2. David Simon really did nail it. Thanks for showing us that essay.

  3. I wonder why the pundits aren't asking questions about the recent leaker.

    I would ask..Why now?

    The leaker gave the Guardian a Power Point presentation of very classified material.

    1. Is it a disgruntled employee who's tired of the secret spying on American citizens?
    2. Is it a patriot who thinks we keep to recapture our morals and restore our civil liberties?
    3. Is it political?
    4. Is it the media retaliating?

    I'm sure there is more to come but I've run out of who and why.

    1. Media pundits won't ask those questions because they will view it as their job to protect the leaker. So its going to be our job to ask those questions.

      Greenwald gave us a hint about the leaker in the WaPo story about him:

      The leak, he said, came from “a reader of mine” who was comfortable working with him. The source, Mr. Greenwald said, “knew the views that I had and had an expectation of how I would display them.”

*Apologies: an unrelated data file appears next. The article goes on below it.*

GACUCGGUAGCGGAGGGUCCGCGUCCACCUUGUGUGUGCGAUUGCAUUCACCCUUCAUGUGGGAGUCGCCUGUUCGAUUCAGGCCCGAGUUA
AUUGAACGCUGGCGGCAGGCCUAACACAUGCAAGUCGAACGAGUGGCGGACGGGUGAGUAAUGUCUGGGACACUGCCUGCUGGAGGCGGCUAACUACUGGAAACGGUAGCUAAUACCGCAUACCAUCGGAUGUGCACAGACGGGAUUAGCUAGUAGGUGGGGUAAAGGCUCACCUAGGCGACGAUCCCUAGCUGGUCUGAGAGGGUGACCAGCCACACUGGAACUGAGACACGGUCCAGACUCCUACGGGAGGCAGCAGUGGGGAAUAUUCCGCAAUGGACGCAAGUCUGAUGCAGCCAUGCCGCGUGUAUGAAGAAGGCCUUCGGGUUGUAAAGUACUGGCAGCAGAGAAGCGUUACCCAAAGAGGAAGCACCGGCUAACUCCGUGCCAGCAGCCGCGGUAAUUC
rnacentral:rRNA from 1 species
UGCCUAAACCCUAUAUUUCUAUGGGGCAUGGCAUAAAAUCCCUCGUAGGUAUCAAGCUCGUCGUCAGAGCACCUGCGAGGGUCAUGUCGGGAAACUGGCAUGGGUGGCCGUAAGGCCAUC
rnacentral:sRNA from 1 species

So its someone who wanted Greenwald to do with it exactly what he's done.

    2. There's always the biggie - money.

    3. You forgot one,,,,Is it a Traitor trying to destroy us....I do not see these leaks as saving democracy..i see them as traitorous these so-called libertarians feel the same outrage at NYs stop and the attacks on black and brown folks right to vote...etc....there are too many to mention...when I see the same outrage delivered to that....then I can care what these folks claim

  4. It summertime - so basically, the Pundit Class are really desperate to get back the audience they lost to major league baseball and Iron Man 3. Rachel Maddow and Rush Limbaugh jumping up and down about......... something that's been around since 2008?!

    Look, you can be mad at Obama on spying on you, but you should realize that you basically supported these orders willy-nilly when we all blindly voted for Congress.

  5. So where do we find the Simon article?

    1. Click on "David Simon" in the paragraph where I introduce it.